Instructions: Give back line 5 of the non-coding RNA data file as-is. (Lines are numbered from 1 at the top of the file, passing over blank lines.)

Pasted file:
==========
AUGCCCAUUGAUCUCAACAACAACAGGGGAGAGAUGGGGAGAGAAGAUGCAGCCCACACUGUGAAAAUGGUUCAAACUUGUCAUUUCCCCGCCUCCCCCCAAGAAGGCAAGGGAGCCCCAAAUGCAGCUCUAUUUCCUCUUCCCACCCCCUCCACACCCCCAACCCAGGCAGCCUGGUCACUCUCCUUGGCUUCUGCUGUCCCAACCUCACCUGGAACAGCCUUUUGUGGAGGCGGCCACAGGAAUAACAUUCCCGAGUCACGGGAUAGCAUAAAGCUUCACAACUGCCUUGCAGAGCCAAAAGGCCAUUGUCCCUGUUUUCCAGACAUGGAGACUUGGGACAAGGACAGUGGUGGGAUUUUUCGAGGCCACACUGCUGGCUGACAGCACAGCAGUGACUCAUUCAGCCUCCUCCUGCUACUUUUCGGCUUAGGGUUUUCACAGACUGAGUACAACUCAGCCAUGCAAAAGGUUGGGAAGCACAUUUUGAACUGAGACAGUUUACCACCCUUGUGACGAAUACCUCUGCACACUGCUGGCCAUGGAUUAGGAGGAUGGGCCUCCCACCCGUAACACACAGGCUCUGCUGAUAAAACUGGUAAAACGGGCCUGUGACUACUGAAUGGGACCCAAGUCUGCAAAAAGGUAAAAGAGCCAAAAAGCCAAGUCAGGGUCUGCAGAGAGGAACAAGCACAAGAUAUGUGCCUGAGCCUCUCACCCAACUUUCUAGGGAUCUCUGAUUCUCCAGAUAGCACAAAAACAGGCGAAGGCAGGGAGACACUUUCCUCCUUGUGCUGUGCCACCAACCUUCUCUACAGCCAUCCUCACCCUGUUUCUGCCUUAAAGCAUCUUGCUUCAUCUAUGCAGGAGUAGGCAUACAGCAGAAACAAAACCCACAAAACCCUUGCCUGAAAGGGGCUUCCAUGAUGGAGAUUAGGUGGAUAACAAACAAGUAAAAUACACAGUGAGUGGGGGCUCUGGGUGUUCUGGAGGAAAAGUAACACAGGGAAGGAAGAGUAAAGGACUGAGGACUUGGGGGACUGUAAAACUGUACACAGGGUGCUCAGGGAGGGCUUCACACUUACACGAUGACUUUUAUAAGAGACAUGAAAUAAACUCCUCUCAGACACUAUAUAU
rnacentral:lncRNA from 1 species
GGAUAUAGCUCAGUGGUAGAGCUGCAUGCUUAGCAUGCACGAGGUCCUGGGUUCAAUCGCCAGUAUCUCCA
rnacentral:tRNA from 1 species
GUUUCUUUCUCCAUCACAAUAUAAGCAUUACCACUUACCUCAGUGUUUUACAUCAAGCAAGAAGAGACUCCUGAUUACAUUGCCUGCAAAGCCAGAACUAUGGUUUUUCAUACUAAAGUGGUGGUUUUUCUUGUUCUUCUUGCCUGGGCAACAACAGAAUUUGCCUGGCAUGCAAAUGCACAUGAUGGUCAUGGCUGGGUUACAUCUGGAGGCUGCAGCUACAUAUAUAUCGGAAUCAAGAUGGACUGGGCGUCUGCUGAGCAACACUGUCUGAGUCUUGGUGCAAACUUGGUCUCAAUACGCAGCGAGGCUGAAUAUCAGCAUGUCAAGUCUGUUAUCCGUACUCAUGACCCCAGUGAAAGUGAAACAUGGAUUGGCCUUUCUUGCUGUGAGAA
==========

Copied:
GUUUCUUUCUCCAUCACAAUAUAAGCAUUACCACUUACCUCAGUGUUUUACAUCAAGCAAGAAGAGACUCCUGAUUACAUUGCCUGCAAAGCCAGAACUAUGGUUUUUCAUACUAAAGUGGUGGUUUUUCUUGUUCUUCUUGCCUGGGCAACAACAGAAUUUGCCUGGCAUGCAAAUGCACAUGAUGGUCAUGGCUGGGUUACAUCUGGAGGCUGCAGCUACAUAUAUAUCGGAAUCAAGAUGGACUGGGCGUCUGCUGAGCAACACUGUCUGAGUCUUGGUGCAAACUUGGUCUCAAUACGCAGCGAGGCUGAAUAUCAGCAUGUCAAGUCUGUUAUCCGUACUCAUGACCCCAGUGAAAGUGAAACAUGGAUUGGCCUUUCUUGCUGUGAGAA